PHILADELPHIA, Pa.—First Amendment attorneys J. Michael Murray and Lorraine R. Baumgardner, on behalf of the Free Speech Coalition and 14 other plaintiffs, today filed an appeal of Judge Michael Baylson's ruling last July dismissing the plaintiffs' lawsuit challenging the constitutionality of 18 U.S.C. §2257, the federal recordkeeping and labeling act.
To a large extent, the appellants' brief, which was filed with the Third Circuit U.S. Court of Appeals, restates arguments made in the Motion to Reconsider filed by Murray and Baumgardner last August, and nothing in the intervening six months has made those arguments any less valid.
Briefly, those arguments are:
1) The 2257 law and regulations fail the test of intermediate scrutiny, in that the statutes "do not directly and materially advance the government’s interest in combating child pornography," the brief states. The statute is not narrowly tailored to achieve the government's stated purpose in enacting the law, but rather is "narrowly tailored to achieve an illegitimate governmental interest in requiring all producers of expression to establish that their expression is not child pornography, thus reversing the constitutional presumption conferred on all expression required by the First Amendment. Moreover, the statutes are overinclusive and burden substantially more speech than is necessary to advance its avowed interest in battling child pornography."
2) The statute also doesn't survive the strict scrutiny test, in that it is clearly content-based. The law affects only actual sexually explicit speech while specifically exempting simulated sexual speech from the same regulations if the creator of such simulated speech merely files a letter with the Attorney General of the United States stating that the producer keeps certain identity and tax records as a regular course of doing business—something which producers of actual sexually explict speech also do, but cannot avail themselves of the same exemption.
3) The statute violates producers' Fourth Amendment rights against unreasonable searches and seizures, since it gives government agents free rein to enter producers' premises without a warrant and to search through the producer's records, as well as giving them the power to seize any "evidence" of what the agents may perceive as felonies being committed by the producer, again without a warrant. Worse, refusal to admit the "inspectors" to a producer's premises in itself constitutes a felony under the challenged law.
4) The statute is overbroad, in that it applies to "a vast quantity of private, non-commercial expression between adults."
5) Judge Baylson was incorrect to grant the government's motion to dismiss plaintiffs Free Speech Coalition and producer Dave Cummings from participation in the suit based on the rulings by Judge Walker Miller in the 2257 lawsuit filed several years ago in the District of Colorado, and which was later dismissed without prejudice by agreement of both parties.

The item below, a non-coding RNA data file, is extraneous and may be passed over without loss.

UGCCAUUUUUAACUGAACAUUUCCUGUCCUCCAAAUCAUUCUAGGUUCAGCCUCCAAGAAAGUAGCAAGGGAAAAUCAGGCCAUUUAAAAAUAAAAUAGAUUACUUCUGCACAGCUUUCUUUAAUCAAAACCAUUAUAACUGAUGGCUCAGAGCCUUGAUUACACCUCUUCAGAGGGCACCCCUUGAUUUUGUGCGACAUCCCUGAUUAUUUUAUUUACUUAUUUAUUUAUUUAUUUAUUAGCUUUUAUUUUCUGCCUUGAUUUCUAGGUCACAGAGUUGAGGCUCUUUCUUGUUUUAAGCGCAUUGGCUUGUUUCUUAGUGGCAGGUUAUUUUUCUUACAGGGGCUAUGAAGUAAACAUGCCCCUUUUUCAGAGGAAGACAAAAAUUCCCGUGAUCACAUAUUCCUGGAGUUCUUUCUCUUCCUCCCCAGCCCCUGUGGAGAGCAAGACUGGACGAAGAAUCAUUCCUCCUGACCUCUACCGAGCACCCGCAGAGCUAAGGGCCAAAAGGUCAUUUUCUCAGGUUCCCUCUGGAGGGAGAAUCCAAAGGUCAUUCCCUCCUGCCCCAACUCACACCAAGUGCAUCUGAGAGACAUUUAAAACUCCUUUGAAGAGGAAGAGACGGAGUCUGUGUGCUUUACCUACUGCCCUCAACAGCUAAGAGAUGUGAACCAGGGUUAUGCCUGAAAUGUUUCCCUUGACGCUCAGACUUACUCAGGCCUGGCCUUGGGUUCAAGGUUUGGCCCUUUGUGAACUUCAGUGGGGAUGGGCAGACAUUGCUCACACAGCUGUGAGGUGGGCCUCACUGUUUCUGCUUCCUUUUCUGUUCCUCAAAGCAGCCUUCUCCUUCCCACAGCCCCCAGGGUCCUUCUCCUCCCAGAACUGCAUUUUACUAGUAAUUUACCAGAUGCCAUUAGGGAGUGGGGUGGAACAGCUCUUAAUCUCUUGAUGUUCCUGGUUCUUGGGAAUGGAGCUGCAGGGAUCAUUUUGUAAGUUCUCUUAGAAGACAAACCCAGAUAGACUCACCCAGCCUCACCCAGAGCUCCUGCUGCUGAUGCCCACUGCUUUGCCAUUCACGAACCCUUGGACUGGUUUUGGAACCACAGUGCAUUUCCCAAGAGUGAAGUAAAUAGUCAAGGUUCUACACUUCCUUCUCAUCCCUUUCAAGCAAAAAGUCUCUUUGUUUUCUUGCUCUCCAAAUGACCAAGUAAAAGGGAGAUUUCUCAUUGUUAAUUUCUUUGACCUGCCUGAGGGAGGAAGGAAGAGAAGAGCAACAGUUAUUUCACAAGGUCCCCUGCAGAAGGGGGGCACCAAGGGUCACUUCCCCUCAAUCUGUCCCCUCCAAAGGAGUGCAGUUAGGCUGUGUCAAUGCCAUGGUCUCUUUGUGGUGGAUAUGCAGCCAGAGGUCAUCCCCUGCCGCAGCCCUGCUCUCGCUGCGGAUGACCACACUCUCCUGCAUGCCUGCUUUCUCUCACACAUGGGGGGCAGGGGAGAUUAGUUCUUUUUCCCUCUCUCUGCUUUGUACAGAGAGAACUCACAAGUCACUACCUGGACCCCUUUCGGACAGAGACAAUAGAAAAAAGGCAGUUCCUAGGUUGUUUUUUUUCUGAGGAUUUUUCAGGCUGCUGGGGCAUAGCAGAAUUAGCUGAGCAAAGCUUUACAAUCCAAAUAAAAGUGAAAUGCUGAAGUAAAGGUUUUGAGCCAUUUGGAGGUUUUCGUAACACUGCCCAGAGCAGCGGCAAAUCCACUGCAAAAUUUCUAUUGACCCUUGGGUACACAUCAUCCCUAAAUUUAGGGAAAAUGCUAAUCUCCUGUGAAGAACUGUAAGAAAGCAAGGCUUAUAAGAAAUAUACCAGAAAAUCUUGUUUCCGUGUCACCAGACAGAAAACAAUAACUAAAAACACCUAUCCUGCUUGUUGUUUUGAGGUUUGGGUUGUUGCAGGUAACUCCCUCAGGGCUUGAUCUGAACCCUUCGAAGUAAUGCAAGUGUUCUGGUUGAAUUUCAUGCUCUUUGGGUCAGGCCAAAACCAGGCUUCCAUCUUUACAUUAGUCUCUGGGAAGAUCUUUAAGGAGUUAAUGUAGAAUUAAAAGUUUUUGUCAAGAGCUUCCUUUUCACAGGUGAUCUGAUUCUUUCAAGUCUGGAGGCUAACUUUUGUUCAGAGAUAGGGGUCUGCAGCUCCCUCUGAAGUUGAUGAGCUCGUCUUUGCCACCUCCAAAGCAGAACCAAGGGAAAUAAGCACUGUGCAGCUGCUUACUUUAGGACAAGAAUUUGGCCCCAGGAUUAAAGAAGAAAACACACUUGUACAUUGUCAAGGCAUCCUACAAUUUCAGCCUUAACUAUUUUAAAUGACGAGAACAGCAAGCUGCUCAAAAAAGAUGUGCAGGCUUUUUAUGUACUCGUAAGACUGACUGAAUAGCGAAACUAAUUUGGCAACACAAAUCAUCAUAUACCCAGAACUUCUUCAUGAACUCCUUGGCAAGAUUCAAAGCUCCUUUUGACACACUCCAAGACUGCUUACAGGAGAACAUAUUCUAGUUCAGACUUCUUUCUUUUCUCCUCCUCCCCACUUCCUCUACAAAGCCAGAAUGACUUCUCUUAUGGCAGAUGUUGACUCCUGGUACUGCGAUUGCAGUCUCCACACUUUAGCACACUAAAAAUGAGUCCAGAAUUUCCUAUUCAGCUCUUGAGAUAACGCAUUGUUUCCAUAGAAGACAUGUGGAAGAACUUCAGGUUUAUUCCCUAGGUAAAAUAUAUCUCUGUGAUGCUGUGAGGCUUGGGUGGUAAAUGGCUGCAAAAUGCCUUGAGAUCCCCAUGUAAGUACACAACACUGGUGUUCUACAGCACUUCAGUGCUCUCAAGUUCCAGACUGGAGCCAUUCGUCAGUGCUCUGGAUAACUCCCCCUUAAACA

"The district court, in reviewing Defendant’s Motion to Dismiss, was to accept the actual factual allegations (as opposed to legal conclusions) of the Complaint as true and was required to determine 'if they plausibly suggest[ed] an entitlement to relief'," the appellants' brief argues. "The question before the court was not whether there was a probability that the factual allegations asserted a claim, but rather whether taken as a whole, they presented a plausible claim for relief. The Complaint at issue here clears that bar with room to spare." [Citations omitted here and below]
"This is particularly so in a case such as this that challenges, on First Amendment grounds, laws regulating speech," the brief continues. "In such cases, it is the government that bears the burden of proving that a law that regulates expression comports with constitutional requirements. To that end, the government bears the burden of demonstrating, at minimum: (1) the existence of the problem which it claims the regulation addresses; (2) the regulation advances its goals in addressing that problem; and (3) the regulation is narrowly tailored and does not burden substantially more speech than is necessary."
The brief goes on to argue that there are currently no commercially-released sexually explicit videos containing performances by minors, since contrary to government claims, adult producers do make sure their performers are adults; that there's no evidence that children are even attempting to appear in adult producers' creations, at least in part because anti-child pornography laws work, as evidenced by the increasing number of such prosecutions; and as is obvious by looking at a wide variety of currently-available videos, only a small percentage of them feature performers who could conceivably be mistaken for children.
Most important, however, is the argument that the law essentially shifts the burden of proof regarding allegations of child pornography from the government to every adult video producer, whether that person/company employs young-looking performers or not.